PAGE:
4. Internet Printing Protocol
    5. Host: print.cs.uwaterloo.ca
    6. Queue: /printers/lj_cs
    7. Verify (this should work)
    8. Forward
  • Choose Driver
    1. Makes: HP (Choose Manufacturer - if not listed try Generic)
    2. Models: HP LaserJet 4100 (Choose your model)
    3. Drivers: HP LaserJet 4100 Foomatic/Postcript (Foomatic Postscript is the most common default)

Useful CUPS command line utils

  • lpstat - list printer status
    • -p list printers
    • -l -p - list printers verbose
  • lpadmin - admin/update printers
    • -d queue - set queue as default
    • -x queue - delete queue
  • /etc/init.d/cupsys restart - restart cups server on Ubuntu
  • /etc/init.d/cups restart - restart cups server on Fedora Core or Redhat Systems

Notes only for Administrators

  • Future solution. Rather than polling print.cs cups server we would prefer that the server broadcast its printers to various subnets as opposed to having clients load the server on print.cs. Unfortunately the subtleties of allowing broadcast packets through the network switches as it pertains to UDP packets has not been determined yet. Once this is done, one should edit /etc/cups/cups.d/browse.conf so that it looks like
              Browsing On
         
    and /etc/cups/cups.d/ports.conf should look like
              Listen localhost:631
              Listen /var/run/cups/cups.sock
         
    and /etc/cups/cupsd.conf file should have BrowseOrder allow,deny commented out or removed as it seems to default to deny incoming printer packets. You should also set LogLevel debug2 if there are problems in getting printing to work, otherwise, leave it at the Ubuntu default.

  • Yet another way for clients to see printers. Rather than clients polling the print server, it is possible for the server to send packets per host, i.e., a point-to-point information transmission but this would entail adding a lot of extra configuration to the server which would be difficult to maintain properly.

  • A solution that may become possible in the future that does not require a cupsd running as root. To be more precise this section explains a method that would enable allow a standard Ubuntu box to print to an RFC compliant LPD server like print.cs. Initially I (wtautz) had tried this a couple of months ago but it failed, however, for the most recent cupsys package (version 1.2.2-0ubuntu0.6.06) this method works, namely, make the lpd backend, i.e., /usr/lib/cups/backend-available/lpd setuid root, i.e., it should have permissions and ownership as follows:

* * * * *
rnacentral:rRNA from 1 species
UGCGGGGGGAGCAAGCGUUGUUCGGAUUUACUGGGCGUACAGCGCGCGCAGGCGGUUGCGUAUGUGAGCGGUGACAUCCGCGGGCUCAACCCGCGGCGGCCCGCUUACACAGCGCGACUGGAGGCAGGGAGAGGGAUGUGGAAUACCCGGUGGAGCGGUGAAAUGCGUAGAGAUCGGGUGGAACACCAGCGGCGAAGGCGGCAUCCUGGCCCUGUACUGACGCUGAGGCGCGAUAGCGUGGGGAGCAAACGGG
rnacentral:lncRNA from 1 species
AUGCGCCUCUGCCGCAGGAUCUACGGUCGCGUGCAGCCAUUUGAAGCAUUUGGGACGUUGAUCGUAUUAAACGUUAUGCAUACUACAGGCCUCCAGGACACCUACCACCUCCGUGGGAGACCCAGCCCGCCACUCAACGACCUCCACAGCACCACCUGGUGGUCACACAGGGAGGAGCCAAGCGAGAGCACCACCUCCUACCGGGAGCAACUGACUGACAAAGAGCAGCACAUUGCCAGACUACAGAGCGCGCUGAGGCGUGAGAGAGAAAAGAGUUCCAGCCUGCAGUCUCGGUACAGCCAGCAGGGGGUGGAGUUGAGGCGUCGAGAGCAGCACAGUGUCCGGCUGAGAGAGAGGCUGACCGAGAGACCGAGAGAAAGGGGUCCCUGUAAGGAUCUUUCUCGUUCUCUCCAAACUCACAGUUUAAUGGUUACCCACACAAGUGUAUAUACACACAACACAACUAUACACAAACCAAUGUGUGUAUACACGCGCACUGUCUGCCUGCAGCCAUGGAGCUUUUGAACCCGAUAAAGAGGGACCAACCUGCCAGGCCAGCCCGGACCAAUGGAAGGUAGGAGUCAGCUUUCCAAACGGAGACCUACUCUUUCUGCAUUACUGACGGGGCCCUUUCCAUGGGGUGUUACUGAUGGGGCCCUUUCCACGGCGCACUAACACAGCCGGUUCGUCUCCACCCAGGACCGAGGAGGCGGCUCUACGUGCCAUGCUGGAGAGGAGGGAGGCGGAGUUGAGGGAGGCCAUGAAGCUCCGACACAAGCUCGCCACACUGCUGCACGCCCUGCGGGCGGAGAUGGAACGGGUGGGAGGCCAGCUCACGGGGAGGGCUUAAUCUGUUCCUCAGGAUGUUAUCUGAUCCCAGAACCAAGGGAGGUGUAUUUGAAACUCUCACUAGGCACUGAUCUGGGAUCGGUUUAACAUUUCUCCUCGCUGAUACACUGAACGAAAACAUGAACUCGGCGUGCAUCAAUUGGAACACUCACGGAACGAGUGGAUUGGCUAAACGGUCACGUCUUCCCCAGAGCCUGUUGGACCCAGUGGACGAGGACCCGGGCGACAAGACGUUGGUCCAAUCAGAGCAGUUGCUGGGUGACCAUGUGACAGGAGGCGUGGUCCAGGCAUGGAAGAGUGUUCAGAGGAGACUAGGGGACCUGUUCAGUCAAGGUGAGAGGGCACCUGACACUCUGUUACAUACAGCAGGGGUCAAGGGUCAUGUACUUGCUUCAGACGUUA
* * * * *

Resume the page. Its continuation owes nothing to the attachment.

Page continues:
-rwsr-xr-x 1 root root 16136 2006-08-03 04:54 /usr/lib/cups/backend-available/lpd
         
    You can effect this change by running
    chmod u+s /usr/lib/cups/backend-available/lpd
    (by default the package already had ownership root as distributed by Ubuntu). However, there is a PROBLEM with this solution. If an update to the cupsys package comes along there is a possibility that this change would be undone. I (wtautz) have filed a bug report at https://launchpad.net/distros/ubuntu/+source/cupsys/+bug/47773 requesting that this ability be added to the package.

  • Adding printers via the web interface http://localhost:631. (It is possible to do remote administration but it requires some additional details that won't be covered here). NOTE. Most clients will NOT need to add printers as they will be detected automatically (if you put in BrowsePoll print.cs in /etc/cups/cupsd.conf should allow you to see the printers). However, if you want to create a printer definition locally you should use the web interface. However, Ubuntu does not want people to use the web interface to add printers. Instead, for security reasons, they prefer that you use gnome-cups-manager. However, I don't see any problem with using the web interface. To reactivate the web interface you must make it possible for cups to verify your username and password (by default this is the same as your username and password when you logged into your Ubuntu box). Hence, in order to verify your passwd, cupsd has to be able to read the shadow file. As we have the following file permissions